As the U.S. border crisis escalates, the call for the protection of immigrants facing deportation has never been so resonant. Of the many challenges surrounding this issue is the fact that undocumented immigrants in the U.S. do not have a right to an attorney if they cannot afford one. But perhaps New Jersey will take the lead in providing necessary support.
The New Jersey Policy Perspective, a liberal think tank based in Trenton, has released a report analyzing the benefits of universal representation on immigrant families. The report might have considerable sway over the state legislature, which is currently weighing in on Governor Phil Murphy’s proposal to spend $2.1 million in state funds on undocumented immigrants.
According to the report, immigration arrests in New Jersey have increased by 42 percent under the Trump administration, far surpassing the national average. About 67 percent of people in the state facing immigration detention do not have access to legal counsel and endure their cases without a lawyer by their side.
The New Jersey Policy Perspective suggests a representation program that is publicly-funded to provide free, court-appointed counsel to detained, low-income immigrants in New Jersey.
“It is contrary to our system of law and notions of justice and due process that detained immigrants, often with long-standing ties to this country, should face deportation proceedings without a lawyer, solely because they are indigent,” said Lori A. Nessel, professor of law and director of the Seton Hall Law School Center for Social Justice, in a statement.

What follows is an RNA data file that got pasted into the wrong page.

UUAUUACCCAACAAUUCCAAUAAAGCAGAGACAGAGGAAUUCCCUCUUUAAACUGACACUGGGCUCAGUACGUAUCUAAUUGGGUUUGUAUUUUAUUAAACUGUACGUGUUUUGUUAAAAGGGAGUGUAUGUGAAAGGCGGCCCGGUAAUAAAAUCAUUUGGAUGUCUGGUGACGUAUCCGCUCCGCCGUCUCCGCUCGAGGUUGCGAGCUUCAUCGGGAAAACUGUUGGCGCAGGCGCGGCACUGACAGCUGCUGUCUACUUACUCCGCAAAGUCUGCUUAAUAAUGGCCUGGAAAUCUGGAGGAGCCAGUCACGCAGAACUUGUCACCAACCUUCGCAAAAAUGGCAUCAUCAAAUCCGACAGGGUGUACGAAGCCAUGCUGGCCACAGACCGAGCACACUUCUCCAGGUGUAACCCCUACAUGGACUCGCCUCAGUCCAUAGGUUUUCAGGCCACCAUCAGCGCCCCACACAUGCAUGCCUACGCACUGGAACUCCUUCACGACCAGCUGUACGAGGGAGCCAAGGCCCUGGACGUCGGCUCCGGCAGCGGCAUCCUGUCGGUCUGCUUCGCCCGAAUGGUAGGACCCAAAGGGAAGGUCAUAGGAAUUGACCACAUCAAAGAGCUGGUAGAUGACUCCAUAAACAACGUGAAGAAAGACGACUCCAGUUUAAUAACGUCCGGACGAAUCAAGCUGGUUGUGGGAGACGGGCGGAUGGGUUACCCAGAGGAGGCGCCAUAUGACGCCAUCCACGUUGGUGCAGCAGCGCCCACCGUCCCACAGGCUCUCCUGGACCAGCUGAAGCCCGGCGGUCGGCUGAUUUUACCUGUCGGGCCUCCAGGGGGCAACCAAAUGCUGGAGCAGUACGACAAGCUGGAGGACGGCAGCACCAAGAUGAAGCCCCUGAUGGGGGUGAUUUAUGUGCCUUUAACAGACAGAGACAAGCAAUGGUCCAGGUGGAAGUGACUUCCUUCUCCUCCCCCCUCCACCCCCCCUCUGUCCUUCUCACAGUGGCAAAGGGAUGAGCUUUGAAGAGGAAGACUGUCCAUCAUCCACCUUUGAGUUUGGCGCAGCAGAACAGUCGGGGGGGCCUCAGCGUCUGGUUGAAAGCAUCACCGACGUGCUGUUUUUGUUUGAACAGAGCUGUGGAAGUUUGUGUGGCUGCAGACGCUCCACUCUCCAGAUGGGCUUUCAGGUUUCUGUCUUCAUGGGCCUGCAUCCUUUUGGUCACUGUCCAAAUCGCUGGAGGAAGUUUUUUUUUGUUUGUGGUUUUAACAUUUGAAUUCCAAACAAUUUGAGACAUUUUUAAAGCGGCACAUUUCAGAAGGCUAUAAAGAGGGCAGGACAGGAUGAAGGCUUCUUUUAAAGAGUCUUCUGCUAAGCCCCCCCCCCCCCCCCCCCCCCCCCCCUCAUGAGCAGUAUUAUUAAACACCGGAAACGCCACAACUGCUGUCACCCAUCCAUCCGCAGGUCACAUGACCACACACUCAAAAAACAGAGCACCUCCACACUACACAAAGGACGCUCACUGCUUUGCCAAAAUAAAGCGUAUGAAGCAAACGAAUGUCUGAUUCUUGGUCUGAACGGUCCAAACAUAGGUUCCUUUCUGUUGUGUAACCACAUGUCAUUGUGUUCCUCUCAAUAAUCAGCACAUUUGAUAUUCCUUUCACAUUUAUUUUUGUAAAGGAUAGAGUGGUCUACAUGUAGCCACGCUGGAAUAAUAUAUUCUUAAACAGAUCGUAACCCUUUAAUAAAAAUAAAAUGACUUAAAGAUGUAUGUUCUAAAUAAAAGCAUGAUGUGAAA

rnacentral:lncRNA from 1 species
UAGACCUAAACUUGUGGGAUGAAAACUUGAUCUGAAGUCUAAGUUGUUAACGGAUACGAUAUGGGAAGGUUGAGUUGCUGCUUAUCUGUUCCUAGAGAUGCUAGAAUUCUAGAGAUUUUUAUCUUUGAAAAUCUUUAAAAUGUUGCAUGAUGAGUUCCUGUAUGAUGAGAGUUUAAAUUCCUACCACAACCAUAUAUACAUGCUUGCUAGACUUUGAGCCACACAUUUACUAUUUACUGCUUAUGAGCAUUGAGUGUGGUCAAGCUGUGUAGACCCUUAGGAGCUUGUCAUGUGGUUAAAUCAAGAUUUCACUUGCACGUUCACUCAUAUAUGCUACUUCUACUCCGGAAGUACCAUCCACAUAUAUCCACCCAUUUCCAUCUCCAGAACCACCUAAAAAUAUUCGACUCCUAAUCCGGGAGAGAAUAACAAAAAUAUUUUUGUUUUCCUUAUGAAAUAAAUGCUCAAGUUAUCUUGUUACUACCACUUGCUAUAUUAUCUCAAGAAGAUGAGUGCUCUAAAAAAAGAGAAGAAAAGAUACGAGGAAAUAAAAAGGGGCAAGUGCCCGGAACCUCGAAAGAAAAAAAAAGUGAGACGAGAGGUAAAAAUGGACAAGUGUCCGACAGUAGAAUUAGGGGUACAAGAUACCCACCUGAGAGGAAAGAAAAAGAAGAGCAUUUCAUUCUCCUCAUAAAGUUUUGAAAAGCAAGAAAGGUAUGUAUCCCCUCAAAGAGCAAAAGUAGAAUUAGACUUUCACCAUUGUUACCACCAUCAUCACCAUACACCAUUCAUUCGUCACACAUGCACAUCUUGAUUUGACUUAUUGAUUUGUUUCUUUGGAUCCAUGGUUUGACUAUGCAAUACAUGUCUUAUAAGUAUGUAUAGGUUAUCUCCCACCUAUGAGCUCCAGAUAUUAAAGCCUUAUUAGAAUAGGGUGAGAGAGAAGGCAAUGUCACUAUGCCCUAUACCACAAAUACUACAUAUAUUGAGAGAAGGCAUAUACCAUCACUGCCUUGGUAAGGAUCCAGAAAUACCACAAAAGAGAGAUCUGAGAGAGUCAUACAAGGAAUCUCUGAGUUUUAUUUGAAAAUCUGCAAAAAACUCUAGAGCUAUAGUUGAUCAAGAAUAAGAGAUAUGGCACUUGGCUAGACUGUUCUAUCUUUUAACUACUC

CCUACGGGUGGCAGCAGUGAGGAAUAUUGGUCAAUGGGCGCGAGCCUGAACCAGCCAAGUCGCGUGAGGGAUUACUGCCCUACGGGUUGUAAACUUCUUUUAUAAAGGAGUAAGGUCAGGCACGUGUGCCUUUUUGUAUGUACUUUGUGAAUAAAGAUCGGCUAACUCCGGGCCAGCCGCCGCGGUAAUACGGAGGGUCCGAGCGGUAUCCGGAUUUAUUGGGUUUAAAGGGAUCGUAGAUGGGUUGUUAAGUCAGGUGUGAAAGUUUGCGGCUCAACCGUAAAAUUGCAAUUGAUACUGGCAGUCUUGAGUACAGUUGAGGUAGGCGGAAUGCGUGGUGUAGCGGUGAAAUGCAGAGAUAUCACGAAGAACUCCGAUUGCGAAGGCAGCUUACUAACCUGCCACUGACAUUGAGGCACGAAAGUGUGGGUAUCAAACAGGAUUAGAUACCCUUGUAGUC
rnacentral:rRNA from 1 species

The findings show that individuals detained for civil immigration violations who have legal representation are three times as likely to prevail in their cases and are also twice as likely to be released prior to the end of their removal proceedings.
The report also reveals how the lack of access to legal representation places a burden on the state budget. New Jersey employers pay $5.9 million in turnover-related costs annually as they are forced to replace detained or deported employees. The state economy would lose $18 million in wages and $1.6 million in total tax revenue annually from detained immigrants.
In a provided statement, Erika Nava, a policy analyst at New Jersey Policy Perspective, explained: “Creating a universal representation program that expands access to counsel for detained immigrants will not only bolster New Jersey’s immigrant families, but the broader state economy.”
Annually, detentions and deportation cost New Jersey approximately $732,000 in child health insurance and $203,000 in foster care costs for children of detained or deported parents. And this total annual cost of nearly $1 million does not include the long-term costs associated with child trauma, development or health conditions that result from the deportation of parents.
New Jersey contains the third highest share (22 percent) of immigrants in the U.S. If this pro-family, pro-economic policy becomes a reality, New Jersey would be joining New York and six cities across the country in providing universal legal representation and would perhaps be sending a message to the rest of the nation.